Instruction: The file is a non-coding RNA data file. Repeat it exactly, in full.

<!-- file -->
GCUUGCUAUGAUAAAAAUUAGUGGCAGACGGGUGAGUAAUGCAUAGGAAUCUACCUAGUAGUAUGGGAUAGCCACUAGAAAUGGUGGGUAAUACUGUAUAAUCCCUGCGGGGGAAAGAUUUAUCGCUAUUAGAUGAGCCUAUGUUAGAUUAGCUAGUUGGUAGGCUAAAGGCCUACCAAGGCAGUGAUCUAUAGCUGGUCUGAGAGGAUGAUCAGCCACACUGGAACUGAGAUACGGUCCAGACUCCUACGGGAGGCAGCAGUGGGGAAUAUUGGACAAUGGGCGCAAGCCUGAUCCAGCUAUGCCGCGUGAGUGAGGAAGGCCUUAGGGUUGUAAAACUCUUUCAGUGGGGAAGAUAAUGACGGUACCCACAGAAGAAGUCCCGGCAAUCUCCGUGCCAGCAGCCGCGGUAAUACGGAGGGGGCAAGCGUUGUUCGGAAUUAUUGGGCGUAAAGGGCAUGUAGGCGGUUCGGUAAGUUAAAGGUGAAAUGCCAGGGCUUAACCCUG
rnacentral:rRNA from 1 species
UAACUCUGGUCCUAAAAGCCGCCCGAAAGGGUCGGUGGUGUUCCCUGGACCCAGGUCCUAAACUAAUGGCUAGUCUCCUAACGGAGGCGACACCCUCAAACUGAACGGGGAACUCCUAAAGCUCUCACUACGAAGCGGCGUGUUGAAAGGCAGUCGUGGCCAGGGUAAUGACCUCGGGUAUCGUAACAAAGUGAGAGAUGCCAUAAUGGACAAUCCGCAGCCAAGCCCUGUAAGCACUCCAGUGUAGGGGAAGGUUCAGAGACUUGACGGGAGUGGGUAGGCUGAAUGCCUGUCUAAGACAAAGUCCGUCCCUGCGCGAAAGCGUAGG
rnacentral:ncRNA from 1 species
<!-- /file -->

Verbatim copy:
GCUUGCUAUGAUAAAAAUUAGUGGCAGACGGGUGAGUAAUGCAUAGGAAUCUACCUAGUAGUAUGGGAUAGCCACUAGAAAUGGUGGGUAAUACUGUAUAAUCCCUGCGGGGGAAAGAUUUAUCGCUAUUAGAUGAGCCUAUGUUAGAUUAGCUAGUUGGUAGGCUAAAGGCCUACCAAGGCAGUGAUCUAUAGCUGGUCUGAGAGGAUGAUCAGCCACACUGGAACUGAGAUACGGUCCAGACUCCUACGGGAGGCAGCAGUGGGGAAUAUUGGACAAUGGGCGCAAGCCUGAUCCAGCUAUGCCGCGUGAGUGAGGAAGGCCUUAGGGUUGUAAAACUCUUUCAGUGGGGAAGAUAAUGACGGUACCCACAGAAGAAGUCCCGGCAAUCUCCGUGCCAGCAGCCGCGGUAAUACGGAGGGGGCAAGCGUUGUUCGGAAUUAUUGGGCGUAAAGGGCAUGUAGGCGGUUCGGUAAGUUAAAGGUGAAAUGCCAGGGCUUAACCCUG
rnacentral:rRNA from 1 species
UAACUCUGGUCCUAAAAGCCGCCCGAAAGGGUCGGUGGUGUUCCCUGGACCCAGGUCCUAAACUAAUGGCUAGUCUCCUAACGGAGGCGACACCCUCAAACUGAACGGGGAACUCCUAAAGCUCUCACUACGAAGCGGCGUGUUGAAAGGCAGUCGUGGCCAGGGUAAUGACCUCGGGUAUCGUAACAAAGUGAGAGAUGCCAUAAUGGACAAUCCGCAGCCAAGCCCUGUAAGCACUCCAGUGUAGGGGAAGGUUCAGAGACUUGACGGGAGUGGGUAGGCUGAAUGCCUGUCUAAGACAAAGUCCGUCCCUGCGCGAAAGCGUAGG
rnacentral:ncRNA from 1 species